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Burnout among health care staff members is a pervasive problem in the United States, leading to health and safety consequences for both patients and staff, sometimes driving these essential personnel to leave the workforce. 

It has been deemed a public health crisis. Nurse fatigue has also been identified as a high priority. The Center for Health Design’s Knowledge Repository includes several citations on this topic. Publications that explore the issue are highlighted here.

A case study by Pomare and colleagues examines staff experience during redevelopment. Staff shared both positive and negative perceptions around the upcoming facility changes, with feelings of fatigue resulting from constant physical and organizational change in health care. This was partially due to the lack of departmental champions and engagement in the facility design process. 

A study by de Matos and colleagues looks at the relationship between intensive care unit room occupancy and staff burnout in a Brazilian cancer hospital. The researchers compared burnout between clinicians working in single-patient rooms to those working in multi-bed areas, and the results suggested burnout could not be attributed to room type. However, the researchers found some differences in stress. 

For example, there was no difference in stress reported within the previous seven days, but stress in the previous 24 hours was higher for staff working in single-patient rooms. Family stress was not influenced by room type, but family member satisfaction was higher in single-bed rooms as compared to multi-bed areas. While room occupancy was not found to influence burnout, we need to consider the trade-offs (such as short-term stress and satisfaction) for different users. 

A study by Wingler and Keys focused on the link between factors in the health care environment and nurse fatigue. The researchers reviewed focus group data from a previous study (11 nurses) and used a qualitative content analysis to examine the cumulative fatigue effects related to design. 

They found four categories of fatigue (physical, cognitive, emotional and psychosocial fatigue) and highlight how the different types of fatigue were increased or decreased by four physical environment factors (ergonomic, sensory, layout and restorative).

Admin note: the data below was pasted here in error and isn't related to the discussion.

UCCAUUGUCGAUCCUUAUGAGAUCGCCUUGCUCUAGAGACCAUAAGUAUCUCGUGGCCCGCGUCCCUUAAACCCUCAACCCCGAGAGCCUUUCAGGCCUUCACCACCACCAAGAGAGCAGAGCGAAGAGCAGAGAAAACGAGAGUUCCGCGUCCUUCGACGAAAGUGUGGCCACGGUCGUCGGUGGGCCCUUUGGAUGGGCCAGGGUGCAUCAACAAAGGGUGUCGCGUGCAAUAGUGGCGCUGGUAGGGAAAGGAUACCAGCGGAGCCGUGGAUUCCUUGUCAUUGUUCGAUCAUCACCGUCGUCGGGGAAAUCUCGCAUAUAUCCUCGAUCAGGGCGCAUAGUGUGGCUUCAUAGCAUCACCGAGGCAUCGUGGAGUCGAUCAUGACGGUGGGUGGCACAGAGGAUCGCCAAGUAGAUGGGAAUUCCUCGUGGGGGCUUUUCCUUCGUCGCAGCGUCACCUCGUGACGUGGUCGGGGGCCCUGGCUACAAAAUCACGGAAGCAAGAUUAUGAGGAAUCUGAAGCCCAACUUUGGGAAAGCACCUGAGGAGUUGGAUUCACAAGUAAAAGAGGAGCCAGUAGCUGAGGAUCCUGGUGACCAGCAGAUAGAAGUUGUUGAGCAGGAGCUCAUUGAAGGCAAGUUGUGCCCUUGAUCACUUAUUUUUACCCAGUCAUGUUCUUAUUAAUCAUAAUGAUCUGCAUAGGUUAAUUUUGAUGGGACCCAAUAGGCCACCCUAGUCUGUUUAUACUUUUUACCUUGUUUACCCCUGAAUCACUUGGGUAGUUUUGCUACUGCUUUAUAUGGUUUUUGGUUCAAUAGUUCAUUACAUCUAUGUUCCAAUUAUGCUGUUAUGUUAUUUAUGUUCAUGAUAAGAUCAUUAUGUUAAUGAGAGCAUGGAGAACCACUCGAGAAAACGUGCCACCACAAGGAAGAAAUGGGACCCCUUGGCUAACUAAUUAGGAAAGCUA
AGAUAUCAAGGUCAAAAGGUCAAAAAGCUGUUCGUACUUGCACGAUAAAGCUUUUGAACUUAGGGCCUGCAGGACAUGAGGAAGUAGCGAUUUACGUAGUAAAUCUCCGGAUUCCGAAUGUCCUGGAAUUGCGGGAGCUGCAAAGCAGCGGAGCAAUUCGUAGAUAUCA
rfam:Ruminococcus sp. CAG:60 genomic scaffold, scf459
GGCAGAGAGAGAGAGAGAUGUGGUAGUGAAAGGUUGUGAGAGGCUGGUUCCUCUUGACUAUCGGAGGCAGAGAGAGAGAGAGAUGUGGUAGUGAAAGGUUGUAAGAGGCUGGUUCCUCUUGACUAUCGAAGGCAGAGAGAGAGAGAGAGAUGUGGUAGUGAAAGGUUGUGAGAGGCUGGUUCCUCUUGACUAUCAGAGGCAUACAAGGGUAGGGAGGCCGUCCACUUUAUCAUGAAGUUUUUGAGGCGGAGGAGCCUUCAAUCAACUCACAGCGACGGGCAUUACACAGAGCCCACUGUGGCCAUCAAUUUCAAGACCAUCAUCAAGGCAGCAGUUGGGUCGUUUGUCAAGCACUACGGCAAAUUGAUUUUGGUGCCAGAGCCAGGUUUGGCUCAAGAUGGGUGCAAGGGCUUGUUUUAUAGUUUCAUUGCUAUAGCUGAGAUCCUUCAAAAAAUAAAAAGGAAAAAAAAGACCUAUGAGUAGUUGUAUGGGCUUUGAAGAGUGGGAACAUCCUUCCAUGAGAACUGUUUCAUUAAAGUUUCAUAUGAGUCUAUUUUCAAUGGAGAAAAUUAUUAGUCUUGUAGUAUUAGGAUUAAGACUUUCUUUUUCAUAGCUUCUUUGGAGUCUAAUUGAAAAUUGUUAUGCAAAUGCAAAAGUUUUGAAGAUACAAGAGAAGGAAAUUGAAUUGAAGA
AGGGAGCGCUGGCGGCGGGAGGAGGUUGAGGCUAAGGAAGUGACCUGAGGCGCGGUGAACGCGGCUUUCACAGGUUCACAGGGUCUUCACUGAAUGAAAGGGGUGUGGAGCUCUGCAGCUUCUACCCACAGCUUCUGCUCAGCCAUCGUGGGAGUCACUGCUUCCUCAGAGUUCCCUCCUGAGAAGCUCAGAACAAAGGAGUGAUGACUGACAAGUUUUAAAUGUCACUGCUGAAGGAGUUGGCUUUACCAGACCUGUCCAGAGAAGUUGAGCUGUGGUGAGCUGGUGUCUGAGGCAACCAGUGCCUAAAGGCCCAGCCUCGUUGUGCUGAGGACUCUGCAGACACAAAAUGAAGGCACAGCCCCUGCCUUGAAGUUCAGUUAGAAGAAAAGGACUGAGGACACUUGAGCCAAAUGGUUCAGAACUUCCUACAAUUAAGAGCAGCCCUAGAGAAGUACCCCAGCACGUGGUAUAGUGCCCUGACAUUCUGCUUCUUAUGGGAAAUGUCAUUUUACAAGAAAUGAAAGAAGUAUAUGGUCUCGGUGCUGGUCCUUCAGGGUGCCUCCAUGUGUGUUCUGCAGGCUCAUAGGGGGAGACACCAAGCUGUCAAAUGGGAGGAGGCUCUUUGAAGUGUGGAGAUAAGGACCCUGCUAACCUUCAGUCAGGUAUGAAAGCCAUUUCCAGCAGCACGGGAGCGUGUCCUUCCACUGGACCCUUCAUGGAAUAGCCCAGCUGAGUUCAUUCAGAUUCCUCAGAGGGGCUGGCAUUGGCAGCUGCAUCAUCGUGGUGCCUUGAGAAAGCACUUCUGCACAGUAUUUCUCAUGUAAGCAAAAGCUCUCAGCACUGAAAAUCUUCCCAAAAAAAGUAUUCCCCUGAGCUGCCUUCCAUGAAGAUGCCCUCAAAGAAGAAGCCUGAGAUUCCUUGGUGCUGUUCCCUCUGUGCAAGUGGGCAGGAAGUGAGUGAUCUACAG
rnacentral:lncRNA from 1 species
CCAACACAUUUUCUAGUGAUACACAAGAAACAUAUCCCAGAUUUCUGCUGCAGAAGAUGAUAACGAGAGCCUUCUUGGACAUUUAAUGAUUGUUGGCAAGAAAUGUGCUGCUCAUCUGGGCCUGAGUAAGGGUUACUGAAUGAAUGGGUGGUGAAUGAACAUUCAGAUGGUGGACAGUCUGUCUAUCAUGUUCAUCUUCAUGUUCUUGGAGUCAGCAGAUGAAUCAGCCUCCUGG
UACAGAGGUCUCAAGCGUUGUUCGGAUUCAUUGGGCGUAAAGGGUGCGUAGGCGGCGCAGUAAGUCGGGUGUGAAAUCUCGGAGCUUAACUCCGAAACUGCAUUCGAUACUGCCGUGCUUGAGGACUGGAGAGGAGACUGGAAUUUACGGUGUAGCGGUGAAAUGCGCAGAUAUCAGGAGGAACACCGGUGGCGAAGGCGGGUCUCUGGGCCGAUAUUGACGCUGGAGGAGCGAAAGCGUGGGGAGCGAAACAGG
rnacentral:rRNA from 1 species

As a simple example, locating supplies at the point of care can cut down on walking distance (an ergonomic factor), decreasing physical fatigue. They illustrate that the factors of the physical environment contribute to the effects of fatigue and, ultimately, the potential decision to remain in — or leave — the field. 

There are myriad reasons why health care workers begin to experience “a combination of exhaustion, cynicism and perceived inefficacy,” and the health care physical environment can either contribute to — or mitigate — this important problem. 

The following citations from The Center for Health Design’s Knowledge Repository of health care design resources were used by the author when writing this column:

  • L. B. N. de Matos et al., “Single-Bed or Multibed Room Designs Influence ICU Staff Stress and Family Satisfaction, but Do Not Influence ICU Staff Burnout,” HERD: Health Environments Research & Design Journal, 2019, in press.
  • D. Wingler and Y. Keys, “Understanding the Impact of the Physical Healthcare Environment on Nurse Fatigue,” Journal of Nursing Management, 2019, in press.
  • T. P. Reith, “Burnout in United States Healthcare Professionals: A Narrative Review,” Cureus 10, no. 12 (Dec. 4, 2018): e3681–e3681.
  • C. Pomare et al., “Organisational Change in Hospitals: A Qualitative Case-Study of Staff Perspectives,” BMC Health Services Research 19, no. 1 (2019): 840

Melissa Piatkowski, Research Associate, The Center for Health Design